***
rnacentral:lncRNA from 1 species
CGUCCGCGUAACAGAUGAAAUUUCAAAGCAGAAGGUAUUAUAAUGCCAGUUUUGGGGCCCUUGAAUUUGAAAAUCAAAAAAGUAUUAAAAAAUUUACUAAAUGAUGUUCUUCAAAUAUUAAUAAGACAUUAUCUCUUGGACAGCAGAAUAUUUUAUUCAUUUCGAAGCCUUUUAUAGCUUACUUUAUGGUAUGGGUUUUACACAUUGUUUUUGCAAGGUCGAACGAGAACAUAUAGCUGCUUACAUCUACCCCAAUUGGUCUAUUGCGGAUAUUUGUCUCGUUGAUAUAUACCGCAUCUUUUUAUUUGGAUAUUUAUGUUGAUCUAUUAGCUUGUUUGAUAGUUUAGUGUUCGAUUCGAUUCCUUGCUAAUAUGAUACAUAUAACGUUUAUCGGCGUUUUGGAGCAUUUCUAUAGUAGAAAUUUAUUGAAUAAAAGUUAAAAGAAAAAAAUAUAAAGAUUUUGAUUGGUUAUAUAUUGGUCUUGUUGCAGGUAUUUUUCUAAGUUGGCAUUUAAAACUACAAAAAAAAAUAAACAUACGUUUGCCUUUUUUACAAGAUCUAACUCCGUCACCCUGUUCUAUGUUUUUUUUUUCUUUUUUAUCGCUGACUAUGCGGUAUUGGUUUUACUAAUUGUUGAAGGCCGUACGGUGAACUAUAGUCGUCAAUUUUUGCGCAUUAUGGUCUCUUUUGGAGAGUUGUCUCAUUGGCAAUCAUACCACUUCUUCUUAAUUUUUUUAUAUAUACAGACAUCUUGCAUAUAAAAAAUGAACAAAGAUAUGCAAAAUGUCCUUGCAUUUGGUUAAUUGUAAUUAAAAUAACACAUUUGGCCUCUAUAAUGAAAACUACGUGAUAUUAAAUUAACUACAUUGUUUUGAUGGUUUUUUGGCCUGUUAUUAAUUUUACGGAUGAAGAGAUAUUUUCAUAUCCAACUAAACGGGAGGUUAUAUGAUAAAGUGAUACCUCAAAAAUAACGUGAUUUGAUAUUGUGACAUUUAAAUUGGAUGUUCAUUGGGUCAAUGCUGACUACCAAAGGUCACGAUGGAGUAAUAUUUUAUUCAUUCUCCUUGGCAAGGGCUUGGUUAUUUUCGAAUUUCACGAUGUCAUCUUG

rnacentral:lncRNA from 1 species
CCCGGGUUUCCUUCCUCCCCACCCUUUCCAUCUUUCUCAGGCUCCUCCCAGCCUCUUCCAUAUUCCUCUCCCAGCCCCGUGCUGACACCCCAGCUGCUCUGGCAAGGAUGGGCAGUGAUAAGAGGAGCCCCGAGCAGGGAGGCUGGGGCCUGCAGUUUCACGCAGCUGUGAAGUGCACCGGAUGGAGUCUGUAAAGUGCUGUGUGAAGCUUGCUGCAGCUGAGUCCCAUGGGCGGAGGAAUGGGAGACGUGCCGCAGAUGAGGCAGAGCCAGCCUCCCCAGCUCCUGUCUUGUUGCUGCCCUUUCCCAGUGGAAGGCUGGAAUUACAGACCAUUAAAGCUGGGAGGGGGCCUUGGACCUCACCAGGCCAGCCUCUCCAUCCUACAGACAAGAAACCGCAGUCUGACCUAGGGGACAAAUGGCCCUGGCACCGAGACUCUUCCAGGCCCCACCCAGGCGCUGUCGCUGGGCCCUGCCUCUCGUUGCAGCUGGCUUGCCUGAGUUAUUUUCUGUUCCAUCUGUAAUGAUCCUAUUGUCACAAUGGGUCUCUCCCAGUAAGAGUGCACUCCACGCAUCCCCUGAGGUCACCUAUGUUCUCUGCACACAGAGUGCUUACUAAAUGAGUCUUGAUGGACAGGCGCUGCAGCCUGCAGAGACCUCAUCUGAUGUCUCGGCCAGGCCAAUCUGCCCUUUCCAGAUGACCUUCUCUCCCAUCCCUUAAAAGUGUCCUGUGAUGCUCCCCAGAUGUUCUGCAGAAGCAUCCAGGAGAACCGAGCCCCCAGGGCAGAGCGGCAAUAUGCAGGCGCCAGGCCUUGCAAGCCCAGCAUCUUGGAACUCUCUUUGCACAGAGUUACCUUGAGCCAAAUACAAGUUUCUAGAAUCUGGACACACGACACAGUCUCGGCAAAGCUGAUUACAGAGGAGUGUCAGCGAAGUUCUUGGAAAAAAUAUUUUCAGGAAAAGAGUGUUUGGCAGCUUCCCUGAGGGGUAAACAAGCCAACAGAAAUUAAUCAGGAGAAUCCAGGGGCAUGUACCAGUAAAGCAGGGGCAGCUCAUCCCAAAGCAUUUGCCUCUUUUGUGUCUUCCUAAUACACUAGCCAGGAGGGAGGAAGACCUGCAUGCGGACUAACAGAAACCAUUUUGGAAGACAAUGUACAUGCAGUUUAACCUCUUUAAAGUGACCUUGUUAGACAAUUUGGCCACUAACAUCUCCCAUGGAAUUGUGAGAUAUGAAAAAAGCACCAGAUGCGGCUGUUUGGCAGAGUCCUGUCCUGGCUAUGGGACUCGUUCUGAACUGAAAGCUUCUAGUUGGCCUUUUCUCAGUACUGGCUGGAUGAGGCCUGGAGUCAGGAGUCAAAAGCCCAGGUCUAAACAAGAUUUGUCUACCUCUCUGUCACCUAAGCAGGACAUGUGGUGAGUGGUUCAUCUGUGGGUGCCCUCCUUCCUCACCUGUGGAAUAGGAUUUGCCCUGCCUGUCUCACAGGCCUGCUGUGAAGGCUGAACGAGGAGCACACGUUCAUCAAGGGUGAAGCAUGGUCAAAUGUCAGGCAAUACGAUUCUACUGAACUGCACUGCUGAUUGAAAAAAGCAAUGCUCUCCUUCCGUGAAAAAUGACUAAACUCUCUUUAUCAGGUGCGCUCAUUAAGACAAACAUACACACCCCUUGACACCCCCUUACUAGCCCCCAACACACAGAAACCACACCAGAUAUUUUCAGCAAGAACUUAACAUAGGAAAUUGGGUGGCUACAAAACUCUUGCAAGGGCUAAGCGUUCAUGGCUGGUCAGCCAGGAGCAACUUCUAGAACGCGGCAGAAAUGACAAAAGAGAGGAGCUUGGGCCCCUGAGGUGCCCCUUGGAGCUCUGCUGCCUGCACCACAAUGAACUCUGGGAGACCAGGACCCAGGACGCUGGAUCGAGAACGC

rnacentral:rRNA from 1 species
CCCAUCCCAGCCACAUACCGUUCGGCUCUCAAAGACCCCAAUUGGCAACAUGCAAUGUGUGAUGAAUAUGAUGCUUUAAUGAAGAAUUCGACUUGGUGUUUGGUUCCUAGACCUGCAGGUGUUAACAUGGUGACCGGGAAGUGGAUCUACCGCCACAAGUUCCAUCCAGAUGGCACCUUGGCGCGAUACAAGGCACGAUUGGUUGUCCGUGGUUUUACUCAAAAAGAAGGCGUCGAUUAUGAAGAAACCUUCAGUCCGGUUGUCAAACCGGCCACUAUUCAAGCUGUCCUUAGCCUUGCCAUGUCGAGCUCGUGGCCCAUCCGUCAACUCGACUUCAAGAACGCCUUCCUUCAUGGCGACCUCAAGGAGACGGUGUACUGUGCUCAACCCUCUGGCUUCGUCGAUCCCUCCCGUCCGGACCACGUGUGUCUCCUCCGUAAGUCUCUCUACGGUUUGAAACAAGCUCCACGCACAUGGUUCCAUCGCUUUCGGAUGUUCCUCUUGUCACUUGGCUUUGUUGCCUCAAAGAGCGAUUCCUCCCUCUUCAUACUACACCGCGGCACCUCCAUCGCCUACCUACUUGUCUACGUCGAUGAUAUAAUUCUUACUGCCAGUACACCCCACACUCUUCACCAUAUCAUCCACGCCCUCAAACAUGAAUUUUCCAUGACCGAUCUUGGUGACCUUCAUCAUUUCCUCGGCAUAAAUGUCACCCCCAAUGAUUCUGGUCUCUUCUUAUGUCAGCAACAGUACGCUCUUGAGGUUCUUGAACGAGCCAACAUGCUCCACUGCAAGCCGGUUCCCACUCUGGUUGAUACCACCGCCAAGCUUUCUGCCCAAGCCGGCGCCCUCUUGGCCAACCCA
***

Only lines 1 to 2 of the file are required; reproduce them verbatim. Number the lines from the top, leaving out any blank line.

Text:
rnacentral:lncRNA from 1 species
CGUCCGCGUAACAGAUGAAAUUUCAAAGCAGAAGGUAUUAUAAUGCCAGUUUUGGGGCCCUUGAAUUUGAAAAUCAAAAAAGUAUUAAAAAAUUUACUAAAUGAUGUUCUUCAAAUAUUAAUAAGACAUUAUCUCUUGGACAGCAGAAUAUUUUAUUCAUUUCGAAGCCUUUUAUAGCUUACUUUAUGGUAUGGGUUUUACACAUUGUUUUUGCAAGGUCGAACGAGAACAUAUAGCUGCUUACAUCUACCCCAAUUGGUCUAUUGCGGAUAUUUGUCUCGUUGAUAUAUACCGCAUCUUUUUAUUUGGAUAUUUAUGUUGAUCUAUUAGCUUGUUUGAUAGUUUAGUGUUCGAUUCGAUUCCUUGCUAAUAUGAUACAUAUAACGUUUAUCGGCGUUUUGGAGCAUUUCUAUAGUAGAAAUUUAUUGAAUAAAAGUUAAAAGAAAAAAAUAUAAAGAUUUUGAUUGGUUAUAUAUUGGUCUUGUUGCAGGUAUUUUUCUAAGUUGGCAUUUAAAACUACAAAAAAAAAUAAACAUACGUUUGCCUUUUUUACAAGAUCUAACUCCGUCACCCUGUUCUAUGUUUUUUUUUUCUUUUUUAUCGCUGACUAUGCGGUAUUGGUUUUACUAAUUGUUGAAGGCCGUACGGUGAACUAUAGUCGUCAAUUUUUGCGCAUUAUGGUCUCUUUUGGAGAGUUGUCUCAUUGGCAAUCAUACCACUUCUUCUUAAUUUUUUUAUAUAUACAGACAUCUUGCAUAUAAAAAAUGAACAAAGAUAUGCAAAAUGUCCUUGCAUUUGGUUAAUUGUAAUUAAAAUAACACAUUUGGCCUCUAUAAUGAAAACUACGUGAUAUUAAAUUAACUACAUUGUUUUGAUGGUUUUUUGGCCUGUUAUUAAUUUUACGGAUGAAGAGAUAUUUUCAUAUCCAACUAAACGGGAGGUUAUAUGAUAAAGUGAUACCUCAAAAAUAACGUGAUUUGAUAUUGUGACAUUUAAAUUGGAUGUUCAUUGGGUCAAUGCUGACUACCAAAGGUCACGAUGGAGUAAUAUUUUAUUCAUUCUCCUUGGCAAGGGCUUGGUUAUUUUCGAAUUUCACGAUGUCAUCUUG